A crowd of about a hundred people attended the launch of the 268-page book that is a brief illustrated history of the late former president Ferdinand Marcos’ regime that was beset with human rights violations and corruption. The author, with the aid of husband, Alan who served as editor, made use of books, documents, and official records and transcripts with many key players during those years all the way to the post-1986 Edsa People Power Revolution that overthrew the dictator.

“When I was doing this, I didn’t think it would be a timely project since the late president Marcos’ son, Bongbong, is running for the vice presidency,” said Robles in an interview with philstar.com. “This is but one means of correcting the revisionist history that is going around where people are saying that the Marcos years were a golden age for the Filipino people.”

“I was able to interview all the past Philippine presidents about this issue, former military men, as well as victims and survivors of human rights abuses. It is about as thorough as one can be.”

Robles laboriously and in great detail wrote about the rise of Marcos to the Martial Law years to the ills of the New Society all the way to its end during the People Power Revolution. “It is a timely book as well since it is published on the 30th year after the 1986 Revolution,” pointed out the author. 

Aside from Robles, the book launch prominently featured engineer and social activist Roberto “Obet” Verzola, human rights lawyer and Senator Rene Saguisag, noted writer, poet, journalist, and screenwriter Pete Lacaba, writer-director Bonifacio Ilagan, and Dean Ronald Mendoza of the Ateneo School of Government. Verzola, Lacaba, and Ilagan spoke about their being detained and tortured by agents of the Marcos regime that brooked no dissent no matter how little.

Other prominent people who attended included former Chairman of the Commission on Elections Christian Monsod, political journalist Belinda Olivares-Cunanan, and Cecile Guidote Alvarez, the wife of former Senator Heherson “Sonny” Alvarez who along with her husband fled the Philippines soon after Martial Law was declared. Chito Gascon, former UP Student Council head and current Chair of the Human Rights Commission of the Philippines, was also in attendance.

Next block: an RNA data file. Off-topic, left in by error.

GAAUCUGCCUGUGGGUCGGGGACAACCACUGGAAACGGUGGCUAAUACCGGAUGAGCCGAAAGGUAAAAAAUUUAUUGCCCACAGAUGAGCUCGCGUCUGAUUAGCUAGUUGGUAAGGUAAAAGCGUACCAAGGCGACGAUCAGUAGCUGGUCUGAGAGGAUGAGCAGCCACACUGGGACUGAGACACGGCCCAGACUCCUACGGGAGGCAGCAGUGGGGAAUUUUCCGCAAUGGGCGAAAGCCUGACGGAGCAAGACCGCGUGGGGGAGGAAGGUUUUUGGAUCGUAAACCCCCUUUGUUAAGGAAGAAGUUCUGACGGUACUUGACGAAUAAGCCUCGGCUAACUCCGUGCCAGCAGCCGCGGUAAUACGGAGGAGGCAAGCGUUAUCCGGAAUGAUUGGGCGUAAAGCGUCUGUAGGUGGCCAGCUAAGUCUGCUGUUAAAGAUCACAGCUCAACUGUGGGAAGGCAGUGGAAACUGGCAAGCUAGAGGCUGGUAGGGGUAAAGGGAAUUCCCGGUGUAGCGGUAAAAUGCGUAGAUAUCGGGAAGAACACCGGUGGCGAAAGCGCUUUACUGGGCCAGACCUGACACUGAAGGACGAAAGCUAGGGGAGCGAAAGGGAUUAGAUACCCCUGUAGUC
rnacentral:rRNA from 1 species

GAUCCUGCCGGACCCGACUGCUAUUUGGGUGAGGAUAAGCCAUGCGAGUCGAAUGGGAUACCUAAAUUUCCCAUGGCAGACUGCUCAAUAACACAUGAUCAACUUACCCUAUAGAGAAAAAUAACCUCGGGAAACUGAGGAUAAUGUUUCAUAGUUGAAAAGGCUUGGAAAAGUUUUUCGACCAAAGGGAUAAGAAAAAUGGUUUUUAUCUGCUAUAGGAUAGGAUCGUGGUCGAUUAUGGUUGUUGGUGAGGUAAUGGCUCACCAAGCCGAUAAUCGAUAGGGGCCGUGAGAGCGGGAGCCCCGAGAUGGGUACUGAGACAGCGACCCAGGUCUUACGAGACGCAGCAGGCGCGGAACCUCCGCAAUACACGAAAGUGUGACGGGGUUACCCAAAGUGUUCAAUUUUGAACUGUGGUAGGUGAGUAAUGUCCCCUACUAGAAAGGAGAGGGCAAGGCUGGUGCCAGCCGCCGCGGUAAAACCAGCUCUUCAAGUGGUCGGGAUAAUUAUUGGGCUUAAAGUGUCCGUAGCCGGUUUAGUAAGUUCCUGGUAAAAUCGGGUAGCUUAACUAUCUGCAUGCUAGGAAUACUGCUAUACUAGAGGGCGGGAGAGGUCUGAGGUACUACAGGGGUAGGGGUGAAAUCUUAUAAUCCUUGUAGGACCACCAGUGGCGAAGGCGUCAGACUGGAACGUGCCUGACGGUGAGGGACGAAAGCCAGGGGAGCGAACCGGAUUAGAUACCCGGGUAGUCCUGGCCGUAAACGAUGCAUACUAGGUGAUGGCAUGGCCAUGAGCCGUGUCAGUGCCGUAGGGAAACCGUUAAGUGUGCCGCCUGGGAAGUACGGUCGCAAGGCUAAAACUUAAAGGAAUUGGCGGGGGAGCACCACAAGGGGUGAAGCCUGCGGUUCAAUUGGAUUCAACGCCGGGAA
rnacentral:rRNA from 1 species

“It is sad that today’s generation doesn’t know what happened during those dark years,” shared Saguisag who at the height of Martial Law formed the Movement of Attorneys for Brotherhood, Integrity, Nationalism, Inc. that represented the victims of human rights abuse. “I think many quarters failed to communicate that and this is the result. This book by Raissa is a good one to use in teaching today’s generation about what transpired. Or else, as the philosopher George Santayana once said, ‘Those who do not remember the past are condemned to repeat it.’” 

Robles bared that she personally gave a copy of the book to several of the VP aspirants by going to the Senate. “I gave copies of the book to Senators Alan Cayetano, Francis Escudero, Gregorio Honasan, Antonio Trillanes, and Bongbong Marcos. The only person I was unable to give a copy was to Leni Robredo. And yes, I have signed forms that the Senators received the books.”

-------------------------

A limited “Collector’s Edition” of Marcos Martial Law: Never Again in coffee table-sized book form is available for P2,500 each. 

A “Student Edition” – a black and white version, soft cover edition of the exact same book will be out shortly. For more details and inquiries, please go to raissarobles.com.

Monday, April 4, 2016

At the Marcos Martial Law Never Again book launch

I was in third year high school when Ninoy Aquino was murdered on the tarmac of the Manila International Airport. That heinous act plunged the country into a dark and dangerous time. I was previously aware of the Marcos dictatorship and its evils. I saw the press censorship. Saw some arrests and those caught breaking the midnight curfew. Rumours swirled of murders, disappearances, and other atrocities. Then brave newspapers began to publish the stories that were surpressed. There was even that Playboy article featuring Imelda Marcos that was banned by the government although copies made their way to people. I began to get involved, first with NAMFREL during the Batasang Pambansa Elections of 1984 and took to the streets afterwards joining rallies and demonstrations. By late 1985, I was heading the Ateneo and UP chapter of the Cory Aquino for President Movement. I was in EDSA during all those turbulent days in late February that led to the fall of the dictatorship. The governments that came after that were troubled, divided, and even ineffective. There have been gains, of course, lots, but somewhere along the way, in some ways, things got worse. 

What I cannot take and will not do so is the revisionist history going on saying that the Marcos years were a golden age. NO. THEY WEREN'T. They were filled and fraught with lies, deception, murder, and greed. Many of today's problems began during those years. It is sad to see many people think that those years were good.

I am most glad that Raissa Robles published Marcos Martial Law: Never Again. It is something that should remind the generations before but inform today's millennials about the horrors of that era and while it is foolhardy and dangerous to think that Marcos' scion is the cure for our ills. The book is hardly the solution. There are others ways of disseminating the information. It does help. Boldly. 


I attended the book launch at Balay Kalinaw in the University of the Philippines Diliman campus. I had the booked signed by Raissa Robles and attended the program; participating in the Q&A portion where I asked questions that weren't answered and offered ideas on what should be done.